Student Loans and the Recent College Grad

It’s six months after college graduation and what arrives? Yes, your Student loan statement. Most student loans have a six-month grace period before repayment must begin. Some even have a nine-month grace period. But, the inevitable always happens and your student loans come due. If you’re in shock, you are not alone. About 70% of college students (2015) graduate with student loan debt. So here are some steps to take to get settled as comfortably as possible into your repayment schedule.

First steps:
• Make sure, especially if you have not received any information about your loans yet, that the lender or the Student Federal Loan Servicer can contact you. Borrowers are responsible to make sure lenders have the correct mailing and contact information. If you are unsure what servicer is in charge of your federal loan, go to the Department of Education’s National Student Loan Data System to find out and also to see a list of your loans.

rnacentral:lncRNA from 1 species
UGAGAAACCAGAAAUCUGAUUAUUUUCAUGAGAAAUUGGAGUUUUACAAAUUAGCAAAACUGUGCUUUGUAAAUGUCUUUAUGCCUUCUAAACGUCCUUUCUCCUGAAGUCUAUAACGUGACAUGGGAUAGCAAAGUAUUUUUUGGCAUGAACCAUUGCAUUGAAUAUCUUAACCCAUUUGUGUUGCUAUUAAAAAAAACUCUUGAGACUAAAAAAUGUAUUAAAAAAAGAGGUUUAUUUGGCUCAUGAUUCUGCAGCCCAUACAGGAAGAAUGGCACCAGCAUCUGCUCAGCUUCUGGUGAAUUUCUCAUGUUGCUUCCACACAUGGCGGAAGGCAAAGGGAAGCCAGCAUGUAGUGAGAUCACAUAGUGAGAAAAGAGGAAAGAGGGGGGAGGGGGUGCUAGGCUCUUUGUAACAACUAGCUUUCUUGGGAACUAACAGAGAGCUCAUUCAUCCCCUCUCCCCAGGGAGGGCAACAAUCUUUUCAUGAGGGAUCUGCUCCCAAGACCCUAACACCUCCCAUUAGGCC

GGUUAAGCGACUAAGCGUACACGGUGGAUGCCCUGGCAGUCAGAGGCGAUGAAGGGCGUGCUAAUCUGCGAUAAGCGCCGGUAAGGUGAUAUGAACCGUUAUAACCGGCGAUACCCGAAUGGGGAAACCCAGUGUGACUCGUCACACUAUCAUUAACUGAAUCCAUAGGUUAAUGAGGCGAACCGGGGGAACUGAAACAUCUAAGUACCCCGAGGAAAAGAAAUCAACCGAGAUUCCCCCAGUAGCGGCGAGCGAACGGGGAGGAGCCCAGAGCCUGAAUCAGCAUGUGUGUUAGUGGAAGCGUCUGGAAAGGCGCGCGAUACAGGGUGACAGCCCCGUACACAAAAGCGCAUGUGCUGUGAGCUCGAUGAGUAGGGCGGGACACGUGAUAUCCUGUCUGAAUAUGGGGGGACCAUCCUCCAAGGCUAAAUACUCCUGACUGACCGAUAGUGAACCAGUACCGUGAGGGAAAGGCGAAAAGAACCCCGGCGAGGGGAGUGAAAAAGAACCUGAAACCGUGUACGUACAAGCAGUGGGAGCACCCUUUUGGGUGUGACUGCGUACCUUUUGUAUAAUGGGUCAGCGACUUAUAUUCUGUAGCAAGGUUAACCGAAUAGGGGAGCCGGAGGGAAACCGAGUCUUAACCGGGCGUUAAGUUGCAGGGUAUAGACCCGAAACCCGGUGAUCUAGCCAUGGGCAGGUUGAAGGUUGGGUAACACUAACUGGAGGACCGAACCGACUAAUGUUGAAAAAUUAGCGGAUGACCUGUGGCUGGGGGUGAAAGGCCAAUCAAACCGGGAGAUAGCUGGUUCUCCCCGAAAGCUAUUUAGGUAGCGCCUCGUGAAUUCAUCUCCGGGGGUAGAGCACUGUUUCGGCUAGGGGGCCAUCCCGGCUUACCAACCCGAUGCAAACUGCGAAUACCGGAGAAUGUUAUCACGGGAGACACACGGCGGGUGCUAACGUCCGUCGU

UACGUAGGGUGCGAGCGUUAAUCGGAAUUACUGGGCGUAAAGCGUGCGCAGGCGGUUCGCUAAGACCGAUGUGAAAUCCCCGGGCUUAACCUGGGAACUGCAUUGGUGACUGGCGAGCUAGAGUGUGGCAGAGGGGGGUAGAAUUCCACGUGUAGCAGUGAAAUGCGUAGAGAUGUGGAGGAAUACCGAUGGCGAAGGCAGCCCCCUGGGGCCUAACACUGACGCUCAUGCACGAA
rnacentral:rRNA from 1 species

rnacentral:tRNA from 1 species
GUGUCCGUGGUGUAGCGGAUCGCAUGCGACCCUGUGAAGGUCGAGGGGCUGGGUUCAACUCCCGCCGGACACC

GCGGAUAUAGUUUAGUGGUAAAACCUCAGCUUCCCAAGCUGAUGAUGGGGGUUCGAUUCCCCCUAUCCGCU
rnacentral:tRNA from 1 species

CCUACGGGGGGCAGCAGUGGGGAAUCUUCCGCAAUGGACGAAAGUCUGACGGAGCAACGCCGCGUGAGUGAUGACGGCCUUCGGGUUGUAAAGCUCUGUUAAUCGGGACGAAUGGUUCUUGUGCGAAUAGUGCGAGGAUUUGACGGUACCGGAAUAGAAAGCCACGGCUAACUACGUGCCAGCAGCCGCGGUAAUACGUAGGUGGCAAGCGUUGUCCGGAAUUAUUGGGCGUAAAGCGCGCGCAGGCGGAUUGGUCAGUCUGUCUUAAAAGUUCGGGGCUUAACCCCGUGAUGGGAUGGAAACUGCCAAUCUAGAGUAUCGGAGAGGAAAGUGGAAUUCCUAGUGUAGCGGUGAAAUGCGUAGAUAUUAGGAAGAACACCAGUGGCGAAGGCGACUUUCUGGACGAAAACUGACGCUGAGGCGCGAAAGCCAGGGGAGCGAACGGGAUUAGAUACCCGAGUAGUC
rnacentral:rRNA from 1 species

• Make sure you know what your repayment plan is. You are automatically signed up for a ten-year repayment plan, but there are alternatives. Just make sure you are enrolled and all set to go and that the repayment plan works for you.

If the automatic ten-year repayment schedule is not right for you, there are other possibilities that you can set up though your lender/server.
• Repayment can be deferred. If you have not yet found a job or if you are going to graduate school are a couple reasons for deferment or Forbearance. Be aware, however, that interest will still accumulate over the period of deferral, making your debt larger.
• You can also change the repayment plan by extending the loan and making your monthly payments lower or by changing to income-based monthly payments.
• If you are working at some public service jobs, you can actually have your loans, or part of your loans forgiven. Make sure to check on that.
• There are no payment penalties on student loans. If it is possible, you can pay off your student loan debt early without charge or fees.

Bottom line, if you are having trouble or not getting the help you need from your lender or through your servicer for federal student loans, you can make a complaint and get help from the Consumer Financial Protection Bureau.

Good luck with those loans.

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